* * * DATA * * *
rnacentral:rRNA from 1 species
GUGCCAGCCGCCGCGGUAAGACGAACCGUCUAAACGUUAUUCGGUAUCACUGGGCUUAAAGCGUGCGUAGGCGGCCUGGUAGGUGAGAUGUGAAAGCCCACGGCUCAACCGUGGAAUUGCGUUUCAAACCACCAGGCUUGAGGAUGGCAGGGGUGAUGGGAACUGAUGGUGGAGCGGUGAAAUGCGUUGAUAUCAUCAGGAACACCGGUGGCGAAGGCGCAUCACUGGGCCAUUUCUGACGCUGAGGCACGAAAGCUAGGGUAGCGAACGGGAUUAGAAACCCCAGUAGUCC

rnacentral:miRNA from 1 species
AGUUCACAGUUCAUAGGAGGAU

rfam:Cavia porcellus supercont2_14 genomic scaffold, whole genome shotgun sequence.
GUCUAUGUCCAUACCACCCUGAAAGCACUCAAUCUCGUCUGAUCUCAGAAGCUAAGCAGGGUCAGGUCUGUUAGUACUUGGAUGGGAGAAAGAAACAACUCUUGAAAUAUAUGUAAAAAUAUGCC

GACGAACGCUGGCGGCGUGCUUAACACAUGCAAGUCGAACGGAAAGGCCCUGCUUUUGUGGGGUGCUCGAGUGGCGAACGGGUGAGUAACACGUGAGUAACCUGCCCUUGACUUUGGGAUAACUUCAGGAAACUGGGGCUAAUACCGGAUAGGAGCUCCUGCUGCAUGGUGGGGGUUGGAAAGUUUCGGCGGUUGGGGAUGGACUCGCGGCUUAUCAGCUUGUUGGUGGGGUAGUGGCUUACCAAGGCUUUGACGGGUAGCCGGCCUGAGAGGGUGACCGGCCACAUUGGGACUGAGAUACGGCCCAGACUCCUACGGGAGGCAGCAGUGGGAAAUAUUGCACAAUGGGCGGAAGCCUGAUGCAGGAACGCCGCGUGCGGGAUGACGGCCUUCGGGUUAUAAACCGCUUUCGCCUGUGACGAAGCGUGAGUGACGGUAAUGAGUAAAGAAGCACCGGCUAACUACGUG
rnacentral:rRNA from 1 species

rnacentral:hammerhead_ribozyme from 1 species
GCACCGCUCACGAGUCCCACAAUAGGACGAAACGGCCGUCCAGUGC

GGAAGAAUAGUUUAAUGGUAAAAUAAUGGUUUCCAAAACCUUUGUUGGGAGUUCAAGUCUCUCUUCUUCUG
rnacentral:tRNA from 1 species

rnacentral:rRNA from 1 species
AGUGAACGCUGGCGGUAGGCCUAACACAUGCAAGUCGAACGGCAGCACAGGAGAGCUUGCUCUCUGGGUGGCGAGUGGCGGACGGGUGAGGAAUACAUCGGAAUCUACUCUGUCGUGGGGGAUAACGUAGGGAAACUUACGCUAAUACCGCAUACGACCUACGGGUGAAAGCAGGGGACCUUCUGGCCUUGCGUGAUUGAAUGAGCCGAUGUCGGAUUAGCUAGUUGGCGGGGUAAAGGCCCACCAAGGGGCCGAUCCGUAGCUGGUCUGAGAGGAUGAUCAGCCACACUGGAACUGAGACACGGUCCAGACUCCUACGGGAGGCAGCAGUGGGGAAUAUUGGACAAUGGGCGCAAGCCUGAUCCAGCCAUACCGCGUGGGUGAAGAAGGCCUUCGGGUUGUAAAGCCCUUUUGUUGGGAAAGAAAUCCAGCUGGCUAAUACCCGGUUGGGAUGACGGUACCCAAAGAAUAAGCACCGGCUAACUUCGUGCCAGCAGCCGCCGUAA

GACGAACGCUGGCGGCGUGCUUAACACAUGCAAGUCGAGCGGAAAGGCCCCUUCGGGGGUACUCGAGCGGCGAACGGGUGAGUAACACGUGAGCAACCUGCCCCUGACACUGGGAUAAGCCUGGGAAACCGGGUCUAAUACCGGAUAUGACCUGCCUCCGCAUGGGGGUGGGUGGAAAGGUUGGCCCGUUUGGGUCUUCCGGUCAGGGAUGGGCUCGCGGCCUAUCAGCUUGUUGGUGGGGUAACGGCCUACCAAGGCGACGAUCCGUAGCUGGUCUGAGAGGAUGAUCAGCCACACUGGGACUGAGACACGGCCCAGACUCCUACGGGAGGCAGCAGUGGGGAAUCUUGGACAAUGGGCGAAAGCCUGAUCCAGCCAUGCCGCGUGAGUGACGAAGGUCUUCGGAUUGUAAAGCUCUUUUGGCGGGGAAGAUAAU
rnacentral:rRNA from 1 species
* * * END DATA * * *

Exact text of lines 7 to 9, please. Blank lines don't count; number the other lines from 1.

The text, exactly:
GACGAACGCUGGCGGCGUGCUUAACACAUGCAAGUCGAACGGAAAGGCCCUGCUUUUGUGGGGUGCUCGAGUGGCGAACGGGUGAGUAACACGUGAGUAACCUGCCCUUGACUUUGGGAUAACUUCAGGAAACUGGGGCUAAUACCGGAUAGGAGCUCCUGCUGCAUGGUGGGGGUUGGAAAGUUUCGGCGGUUGGGGAUGGACUCGCGGCUUAUCAGCUUGUUGGUGGGGUAGUGGCUUACCAAGGCUUUGACGGGUAGCCGGCCUGAGAGGGUGACCGGCCACAUUGGGACUGAGAUACGGCCCAGACUCCUACGGGAGGCAGCAGUGGGAAAUAUUGCACAAUGGGCGGAAGCCUGAUGCAGGAACGCCGCGUGCGGGAUGACGGCCUUCGGGUUAUAAACCGCUUUCGCCUGUGACGAAGCGUGAGUGACGGUAAUGAGUAAAGAAGCACCGGCUAACUACGUG
rnacentral:rRNA from 1 species

rnacentral:hammerhead_ribozyme from 1 species